For the stage, Whishaw received an Olivier Award nomination for his performance as Hamlet in Trevor Nunn’s electric youth version of the play at the Old Vic.  He appeared at the National Theatre in the stage adaptation of Philip Pullman’s “His Dark Materials,” Katie Mitchell’s 2006 presentation of Chekhov’s “The Seagull,” and 2008’s “The Idiot,” in which he played the lead.  His additional theatre work in the West End includes starring roles in “Cock”; John Logan’s “Peter and Alice,” opposite Judi Dench; and Jez Butterworth’s “Mojo.”  He most recently completed a run in “Bakkhai” at the Almeida.
A native of Hertfordshire, England, Whishaw graduated from the Royal Academy of Dramatic Art in 2003.  

TOM HOLLAND (Thomas Nickerson) recently completed work on the action adventure “Captain America: Civil War,” in which he stars as Peter Parker a.k.a. Spider-Man.  The film is due out in Spring 2016.  His upcoming films also include “The Lost City of Z,” with Charlie Hunnam, Sienna Miller and Robert Pattinson, and the independent features “Pilgrimage” and “Backcountry.”
Holland made an auspicious feature film debut in the critically acclaimed true-life drama “The Impossible,” with Naomi Watts.  His performance as a young boy who survived the devastating 2004 tsunami brought him a number of honors, including London Film Critics Circle, National Board of Review and Empire Awards.  He subsequently appeared in the film “How I Live Now.”
A dancer as well as an actor, Holland first came to fame on the stage in the hit show “Billy Elliot the Musical.”  He made his West End debut in June 2008, playing the role of Billy’s best friend, Michael, before landing the title role in September of that year.  Holland rotated in the title role with two other young actors, but in March 2010, he was selected to be the lead in the fifth-anniversary performance of the show.  He finished his run in “Billy Elliot the Musical” in May 2010.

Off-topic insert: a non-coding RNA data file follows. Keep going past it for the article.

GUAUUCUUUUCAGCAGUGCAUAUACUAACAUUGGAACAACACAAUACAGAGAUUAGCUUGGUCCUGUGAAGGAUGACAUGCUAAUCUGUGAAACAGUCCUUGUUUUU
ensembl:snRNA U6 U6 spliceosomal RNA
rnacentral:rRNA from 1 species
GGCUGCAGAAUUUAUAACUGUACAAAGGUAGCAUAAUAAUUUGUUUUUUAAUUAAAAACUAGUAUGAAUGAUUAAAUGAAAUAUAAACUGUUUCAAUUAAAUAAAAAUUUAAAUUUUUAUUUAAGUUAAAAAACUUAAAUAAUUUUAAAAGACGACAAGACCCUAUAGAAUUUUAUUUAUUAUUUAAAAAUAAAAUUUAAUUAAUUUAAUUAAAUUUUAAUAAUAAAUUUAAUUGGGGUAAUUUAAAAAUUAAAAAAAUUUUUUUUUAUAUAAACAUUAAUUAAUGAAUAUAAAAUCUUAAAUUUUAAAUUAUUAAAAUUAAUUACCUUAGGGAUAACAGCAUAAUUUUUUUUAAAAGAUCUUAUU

BRENDAN GLEESON (Tom Nickerson) recently won a British Independent Film Award for Best Actor for his performance as Father James in John Michael McDonagh’s “Calvary,” which premiered at the 2014 Sundance Film Festival.  He also earned Golden Globe, Evening Standard, and London Film Critics Circle Award nominations for his work in McDonagh’s “The Guard.”  He is currently co-starring with Meryl Streep and Carey Mulligan in Sarah Gavron’s “Suffragette,” for which he received a British Independent Film Award nomination for Best Supporting Actor.  Gleeson’s upcoming films include “Trespass Against Us,” with Michael Fassbender; “Alone in Berlin,” opposite Emma Thompson; and “Assassin’s Creed,” with Fassbender and Marion Cotillard.